Queen Elizabeth 2 Grouding

Wednesday, November 12, 2008

The Maritime and Coastguard Agency (MCA) surveyors from the Southampton Marine Office have completed a full inspection of the Queen Elizabeth 2 liner after its Nov. 11 grounding near the Brambles sand bank in the Solent, and they have given the all clear for the ship to continue on its final journey.

At 05.30 on Nov. 11 the crew of the 70,000 gross tons ship reported to Solent Coastguard that they feared she may have run aground two nautical miles north west of Cowes whilst en route into Southampton. Five harbour tugs attended the scene and the vessel was successfully refloated, and escorted into Southampton where MCA surveyors fully inspected the vessel to ensure she had not suffered any damage during the grounding.

Assistant Director of Seafarers and Ships, Paul Coley said, “No-one on board was injured when the ship ran aground, and after refloating it continued on a safe passage into Southampton with the tugs.”

Upon arrival into Southampton at the QE2 terminal, MCA surveyors boarded the ship and after carrying out an inspection together with a diver’s examination concluded that she was not damaged in the grounding and that it was safe to continue on her final voyage.

(Source: The Maritime & Coastguard Agency Press Office)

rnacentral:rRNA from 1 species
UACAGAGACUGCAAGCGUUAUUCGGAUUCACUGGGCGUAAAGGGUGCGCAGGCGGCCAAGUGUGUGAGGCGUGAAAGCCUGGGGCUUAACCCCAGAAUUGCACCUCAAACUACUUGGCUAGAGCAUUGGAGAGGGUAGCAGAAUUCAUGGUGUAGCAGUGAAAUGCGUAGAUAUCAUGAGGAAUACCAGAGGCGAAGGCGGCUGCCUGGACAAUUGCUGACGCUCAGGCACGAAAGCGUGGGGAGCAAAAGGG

Maritime Reporter August 2014 Digital Edition
FREE Maritime Reporter Subscription
Latest Maritime News    rss feeds

Casualties

USCG in Search of Missing Man in Lake Michigan

The Coast Guard is searching for a man who went missing on Lake Michigan, Tuesday. Missing is 48-year-old Joseph Kiehm from Milwaukee. Kiehm was last seen aboard his 26-foot white sailboat,

S. Korea Navy Chief Quizzed About Salvage Ship Absence

The state audit agency has interrogated the chief of the Navy over a faulty Navy salvage ship that failed to participate in the national rescue operation for the

Arctic Wreck Found after 169 Years

After more than 169 years, Canadian researchers discovered one of the two ships from the doomed Arctic expedition of Sir John Franklin, cracking one of the largest mysteries in sea exploration.

 
 
Maritime Careers / Shipboard Positions Maritime Security Maritime Standards Naval Architecture Pod Propulsion Port Authority Ship Electronics Ship Repair Sonar Winch
rss | archive | history | articles | privacy | terms and conditions | contributors | top maritime news | about us | copyright | maritime magazines
maritime security news | shipbuilding news | maritime industry | shipping news | maritime reporting | workboats news | ship design | maritime business

Time taken: 0.1041 sec (10 req/sec)